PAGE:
In the News
by By David Freeman | Sourced from WebMD
Nightmare therapy may put chronic nightmares to rest.
"Studies show that 70% to 80% of people who try IRT get significant relief," says Barry Krakow, MD, director of the Maimonides International Nightmare Treatment Center in Albuquerque, N.M. He's one of the researchers who worked on the JAMA study and the author of four books on sleep medicine, including Sound Sleep, Sound Mind.
Yael Levy recalls having chronic nightmares as far back as elementary school, when she was living in Israel. The grandchild of Holocaust survivors, she says her dreams were filled with images of suffering and death.
In one recurrent nightmare, Levy was trapped in a concentration camp, facing death. In another, she was drowning in deep water. At their worst, the nightmares occurred on an almost weekly basis, leaving her jittery and desperately fatigued.
"I would wake up so terrified that I was afraid to go back to sleep," Levy says. "And the bad feelings were hard to shake. I would continue to feel frightened throughout the next day."
Chronic Nightmare or Bad Dream?
There's nothing unusual about having an occasional nightmare (which sleep experts define simply as a bad dream that causes the sleeper to wake up). But up to 8% of the adult population suffers from chronic nightmares, waking in terror at least once a week.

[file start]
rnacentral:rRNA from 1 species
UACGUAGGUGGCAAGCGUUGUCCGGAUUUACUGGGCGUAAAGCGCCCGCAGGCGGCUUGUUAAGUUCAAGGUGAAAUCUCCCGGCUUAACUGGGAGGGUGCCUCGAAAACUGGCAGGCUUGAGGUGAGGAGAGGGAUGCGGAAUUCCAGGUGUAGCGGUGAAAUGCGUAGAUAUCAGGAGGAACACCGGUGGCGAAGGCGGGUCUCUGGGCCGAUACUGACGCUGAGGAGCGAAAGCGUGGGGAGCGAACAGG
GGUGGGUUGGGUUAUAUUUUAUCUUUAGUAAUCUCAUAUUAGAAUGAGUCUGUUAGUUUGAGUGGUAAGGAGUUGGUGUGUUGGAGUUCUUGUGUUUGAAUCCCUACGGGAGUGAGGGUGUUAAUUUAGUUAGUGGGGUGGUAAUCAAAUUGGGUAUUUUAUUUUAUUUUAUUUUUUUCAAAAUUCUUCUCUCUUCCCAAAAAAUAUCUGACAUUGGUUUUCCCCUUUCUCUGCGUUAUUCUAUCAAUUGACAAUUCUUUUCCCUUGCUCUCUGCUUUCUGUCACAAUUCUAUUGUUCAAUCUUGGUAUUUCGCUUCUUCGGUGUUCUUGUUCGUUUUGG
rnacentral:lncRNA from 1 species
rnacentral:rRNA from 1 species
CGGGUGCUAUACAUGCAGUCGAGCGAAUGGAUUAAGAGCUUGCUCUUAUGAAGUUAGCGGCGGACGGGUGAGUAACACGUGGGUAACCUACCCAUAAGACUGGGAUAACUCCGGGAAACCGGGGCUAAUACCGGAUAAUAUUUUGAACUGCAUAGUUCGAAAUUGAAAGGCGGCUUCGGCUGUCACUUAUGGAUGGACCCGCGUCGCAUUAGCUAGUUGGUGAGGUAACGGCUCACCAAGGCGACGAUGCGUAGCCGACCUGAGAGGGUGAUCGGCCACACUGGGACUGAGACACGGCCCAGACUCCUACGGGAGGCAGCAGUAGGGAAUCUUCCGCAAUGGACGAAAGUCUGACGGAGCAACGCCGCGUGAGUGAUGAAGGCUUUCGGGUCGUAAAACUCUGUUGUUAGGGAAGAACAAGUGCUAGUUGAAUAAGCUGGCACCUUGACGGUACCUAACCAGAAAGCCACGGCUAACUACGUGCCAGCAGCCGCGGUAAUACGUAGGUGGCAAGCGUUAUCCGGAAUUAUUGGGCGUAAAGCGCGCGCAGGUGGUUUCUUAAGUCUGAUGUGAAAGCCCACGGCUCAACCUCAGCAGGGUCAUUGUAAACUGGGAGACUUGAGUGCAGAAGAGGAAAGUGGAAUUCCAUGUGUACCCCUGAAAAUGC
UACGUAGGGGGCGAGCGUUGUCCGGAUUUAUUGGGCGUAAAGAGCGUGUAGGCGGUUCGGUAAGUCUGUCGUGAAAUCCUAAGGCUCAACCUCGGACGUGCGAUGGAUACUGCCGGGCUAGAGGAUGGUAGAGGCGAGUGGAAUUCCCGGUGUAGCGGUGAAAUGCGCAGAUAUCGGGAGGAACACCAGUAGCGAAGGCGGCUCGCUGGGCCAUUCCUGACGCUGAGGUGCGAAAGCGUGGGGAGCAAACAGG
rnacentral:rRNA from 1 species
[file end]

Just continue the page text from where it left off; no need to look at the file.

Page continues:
Sometimes the nightmares are so frequent and so upsetting that they make sound sleep all but impossible, setting the stage for fatigue and emotional problems like anxiety and depression.
Nightmares vary widely in their themes and specific content -- experts say they can be "about" anything -- but all cause fear, sadness, anger, shame, or another negative emotion. They occur during REM sleep, typically in the latter part of the night. Though more common in children and adolescents, they also strike in adulthood.
In many cases, chronic nightmares are triggered by psychological stress -- such as that stemming from posttraumatic stress disorder, a severe anxiety disorder that strikes people who have been exposed to combat, violent assaults, accidents, natural disasters, and other terrifying ordeals.
Other causes of chronic nightmares include alcohol abuse, the use of certain medications (including going off antidepressants), and sleep disorders, including the disordered breathing condition known as sleep apnea.
"Just learning that there was something I could do about my nightmares really helped a lot," Levy says. "Getting help changed things for me significantly. I'm more rested and happier, and I'm able to be more active during the day."